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Tirukkural: The Book of Wisdom

Ancient Text on Virtue, Wealth & Love

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Tirukkural: The Book of Wisdom

The Tirukural in English

Translated by Satguru Sivaya Subramuniyaswami
Tirukkural, the great poetic work by saint Tiru Valluvar, embodies values that are ever relevant and unchanging. The greatest classic of the Tamil language, it dates back anywhere between 2 BC and 8 AD. It comprises two parts, 'Tiru' and 'Kural': 'Tiru' can mean sacred, as well as beautiful, and 'Kural' means concise. Brevity is the charm of this scriptural text with its terse and forcible verses like sutras or aphorisms.

About the Author - Tiru Valluvar

Tiru Valluvar stands on a high moral pedestal along with Patanjali, Shankara and Buddha. He lived about 2000 years ago in Tamil Nadu, and worked as a weaver to earn his living. According to legends, he was a man of intense cognizance, enlightment, free spirit and hard work.

Universal Ethical Content

The greatest value of Kural is its universal ethical content. The scripture is divided into three books: Virtue, Wealth and Love - consisting of 1330 couplets clustered in 133 chapters elucidating different aspects of human virtues or vices. In the first chapter of Virtue, God is portrayed as Universal in content transcending the marginal line of God being Hindu, Jain, Muslim or Christian. Kural's primary concern is with the whole world and according to Tiru Valluvar a man's prosperity and adversity, heaven and hell, and his present and his future are products of his own actions.

On Virtue

"Rage, Envy, Greed and Harsh words
Avoided is virtue." ~ Kural: 35

Tiru Valluvar sing the praises of affability, gratitude, self-control, right conduct and faithfulness in the first section of Virtue. Extolling the significance of vegetarianism Valluvar explains:

"How can one be kindly?
If he fattens on other's fat?" ~ Kural: 251

On the Importance of Wealth

Tiru Valluvar knew that even though virtue is supremely important, without wealth it was seldom practicable:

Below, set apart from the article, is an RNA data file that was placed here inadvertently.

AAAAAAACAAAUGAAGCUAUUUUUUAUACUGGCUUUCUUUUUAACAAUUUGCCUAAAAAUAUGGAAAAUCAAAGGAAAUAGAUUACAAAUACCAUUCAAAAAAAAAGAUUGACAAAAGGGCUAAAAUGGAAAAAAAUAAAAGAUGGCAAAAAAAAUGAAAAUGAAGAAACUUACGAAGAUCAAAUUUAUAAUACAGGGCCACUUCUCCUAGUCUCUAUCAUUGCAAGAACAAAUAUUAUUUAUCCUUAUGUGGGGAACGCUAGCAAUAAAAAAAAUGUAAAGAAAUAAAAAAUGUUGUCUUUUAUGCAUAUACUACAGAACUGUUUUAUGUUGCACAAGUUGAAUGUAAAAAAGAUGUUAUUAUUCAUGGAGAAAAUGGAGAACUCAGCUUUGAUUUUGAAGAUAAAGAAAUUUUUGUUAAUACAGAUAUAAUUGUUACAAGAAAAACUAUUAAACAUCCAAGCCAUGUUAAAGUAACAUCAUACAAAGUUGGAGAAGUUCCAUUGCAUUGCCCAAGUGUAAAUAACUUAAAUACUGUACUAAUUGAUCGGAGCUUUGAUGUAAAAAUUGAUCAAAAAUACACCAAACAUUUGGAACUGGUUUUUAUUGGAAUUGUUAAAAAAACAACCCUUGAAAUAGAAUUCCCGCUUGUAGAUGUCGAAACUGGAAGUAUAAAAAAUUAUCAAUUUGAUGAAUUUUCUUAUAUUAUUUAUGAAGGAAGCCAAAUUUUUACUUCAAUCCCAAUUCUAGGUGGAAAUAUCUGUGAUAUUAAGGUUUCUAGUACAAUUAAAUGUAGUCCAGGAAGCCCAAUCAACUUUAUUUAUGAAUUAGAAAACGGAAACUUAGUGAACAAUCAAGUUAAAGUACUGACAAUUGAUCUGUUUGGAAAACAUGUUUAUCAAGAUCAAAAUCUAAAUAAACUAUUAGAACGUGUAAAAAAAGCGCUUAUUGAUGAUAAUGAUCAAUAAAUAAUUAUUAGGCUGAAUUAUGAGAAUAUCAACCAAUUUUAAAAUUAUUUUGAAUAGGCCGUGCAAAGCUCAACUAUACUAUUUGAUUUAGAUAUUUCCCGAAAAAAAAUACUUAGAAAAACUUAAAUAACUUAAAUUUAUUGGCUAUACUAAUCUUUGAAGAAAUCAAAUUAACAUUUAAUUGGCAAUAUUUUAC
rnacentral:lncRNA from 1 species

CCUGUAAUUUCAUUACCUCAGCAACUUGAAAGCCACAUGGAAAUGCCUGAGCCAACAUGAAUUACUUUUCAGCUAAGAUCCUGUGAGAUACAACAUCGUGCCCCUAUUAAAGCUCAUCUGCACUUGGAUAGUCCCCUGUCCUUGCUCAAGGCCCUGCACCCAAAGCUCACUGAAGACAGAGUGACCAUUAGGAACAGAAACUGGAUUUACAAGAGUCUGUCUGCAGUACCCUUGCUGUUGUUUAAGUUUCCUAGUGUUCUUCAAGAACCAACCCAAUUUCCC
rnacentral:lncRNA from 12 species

"Will that hunger return?
Which nearly killed me yesterday?" ~ Kural: 1048

At the same time, Tiruvalluvar criticizes useless wealth:

"He is poor though a millionaire
Who neither gives nor spends." ~ Kural: 1005

On Politics & Governance

Valluvar has spoken words of wisdom on state administration by lucidly explaining the relationship between the king, his ministers and subjects. He has subtly put forward the importance of learning, friends, agriculture and social service, while condemning corruption and nepotism, the scourge of modern day politics as evil and unwise.

"Punish a sinner by paling him
With a good deed, and forget." ~ Kural: 314

Love and Emotion

The last section of Kural is entirely devoted to love and Valluvar speaks in mystic beauty about this prime emotive feeling of human beings. It is a paean to youthful love and its trials and tribulations.

"A Goddess? A peacock? Or a woman
Decked in jewels? Asks my heart amazed?" ~ Kural: 1081

Spiritual Liberation through Knowledge

Tiru Valluvar speaks in length about virtue, wealth and love with righteousness and touch the lives of many generations with his eloquent poetry and innate wisdom.

Valluvar believes that with this knowledge of virtue, wealth and love one can lead the soul to nirvana and salvation. In effect, the fourth and final objective of human existence - 'moksha' or spiritual liberation is left to speak for itself.

Valluvar's valuable writings in the Tirukkural guide our actions and thoughts, with a perfect blend of personal character, social conduct and the state's responsibility to build a prosperous and thriving society.

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